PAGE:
By the early 20th century, cages were still the norm across the country. So when the zoo debuted Bear Mountain in 1918—a replica of a mountainside near Morrison, separated from guests by a moat in which the bears could frolic—it was a big deal. “That was the first attempt in the United States, and one of the first in the world, to look at a naturalistic design and think about the needs of the animal and what the guests would be looking at as well,” Aucone says. “That got the bars out of the way, and it also gave it a sense of place. As a guest, you come in and understand, ‘Oh, this is similar to the habitat an animal might live in.’”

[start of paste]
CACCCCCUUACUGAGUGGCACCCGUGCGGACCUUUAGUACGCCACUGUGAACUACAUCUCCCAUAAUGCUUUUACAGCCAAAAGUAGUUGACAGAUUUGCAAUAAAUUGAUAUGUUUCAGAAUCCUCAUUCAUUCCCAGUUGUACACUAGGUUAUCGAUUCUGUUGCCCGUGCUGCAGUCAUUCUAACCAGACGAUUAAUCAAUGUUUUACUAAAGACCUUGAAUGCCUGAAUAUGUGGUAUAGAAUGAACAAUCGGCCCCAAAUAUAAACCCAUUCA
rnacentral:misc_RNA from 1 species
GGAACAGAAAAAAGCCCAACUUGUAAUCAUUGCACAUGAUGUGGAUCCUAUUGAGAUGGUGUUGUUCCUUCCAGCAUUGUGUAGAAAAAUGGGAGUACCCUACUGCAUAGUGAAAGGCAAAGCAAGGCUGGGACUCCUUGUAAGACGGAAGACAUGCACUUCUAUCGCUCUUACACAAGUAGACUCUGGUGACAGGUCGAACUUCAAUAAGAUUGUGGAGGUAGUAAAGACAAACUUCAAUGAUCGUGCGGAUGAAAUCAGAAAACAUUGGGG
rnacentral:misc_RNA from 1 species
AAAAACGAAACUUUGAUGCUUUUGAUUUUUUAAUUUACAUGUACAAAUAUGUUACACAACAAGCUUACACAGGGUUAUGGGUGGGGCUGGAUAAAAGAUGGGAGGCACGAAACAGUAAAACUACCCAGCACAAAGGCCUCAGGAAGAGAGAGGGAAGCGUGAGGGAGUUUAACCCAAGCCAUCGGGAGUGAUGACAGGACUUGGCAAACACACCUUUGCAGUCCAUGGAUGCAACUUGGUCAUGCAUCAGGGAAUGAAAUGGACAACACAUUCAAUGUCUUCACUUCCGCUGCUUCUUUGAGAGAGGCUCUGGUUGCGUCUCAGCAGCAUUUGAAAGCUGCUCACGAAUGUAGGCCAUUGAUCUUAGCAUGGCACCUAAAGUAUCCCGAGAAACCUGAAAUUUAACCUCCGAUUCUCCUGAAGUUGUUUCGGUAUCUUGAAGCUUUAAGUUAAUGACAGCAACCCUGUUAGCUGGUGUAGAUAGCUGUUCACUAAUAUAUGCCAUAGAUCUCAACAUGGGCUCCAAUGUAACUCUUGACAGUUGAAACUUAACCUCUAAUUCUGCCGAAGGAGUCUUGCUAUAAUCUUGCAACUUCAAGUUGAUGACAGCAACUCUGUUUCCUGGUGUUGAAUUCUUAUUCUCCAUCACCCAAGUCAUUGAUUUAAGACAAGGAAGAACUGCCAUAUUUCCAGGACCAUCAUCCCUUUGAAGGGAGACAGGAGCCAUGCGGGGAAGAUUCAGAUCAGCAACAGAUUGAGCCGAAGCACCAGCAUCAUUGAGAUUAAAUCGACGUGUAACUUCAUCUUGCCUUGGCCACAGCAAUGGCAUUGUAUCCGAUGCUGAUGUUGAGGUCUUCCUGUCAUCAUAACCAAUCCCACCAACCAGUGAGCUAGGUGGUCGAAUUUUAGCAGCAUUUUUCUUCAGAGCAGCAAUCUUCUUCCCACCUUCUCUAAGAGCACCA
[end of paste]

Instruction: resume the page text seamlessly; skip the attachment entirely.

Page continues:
That paradigm of improving animal welfare in tandem with the guest experience has guided the zoo ever since. Benson Predator Ridge, which opened in 2004, rotates African lions and spotted hyenas through three different enclosures; the animals leave behind fresh, stimulating scents for one another, and visitors have the ability to see both species up close in the smaller, glass-walled section. Four years ago, an exhibit called the Edge erected 12-foot-high walkways to help the zoo’s two Amur tigers view their surroundings as they would as predators in the wild, a thrilling, if unnerving, experience for humans below. And a new African penguin habitat, expected to be finished next month, will give Maddy and her pals more distance and depth to swim and dive—while zoo guests watch through 40 feet of glass below the water’s surface. “Animal care and the guest experience really are the two pillars,” says George Pond, the Denver Zoo’s senior vice president for planning and design. “We can’t give up either one. It’s the challenge of zoo design and execution—to be able to hold your head up and say you met those challenges.”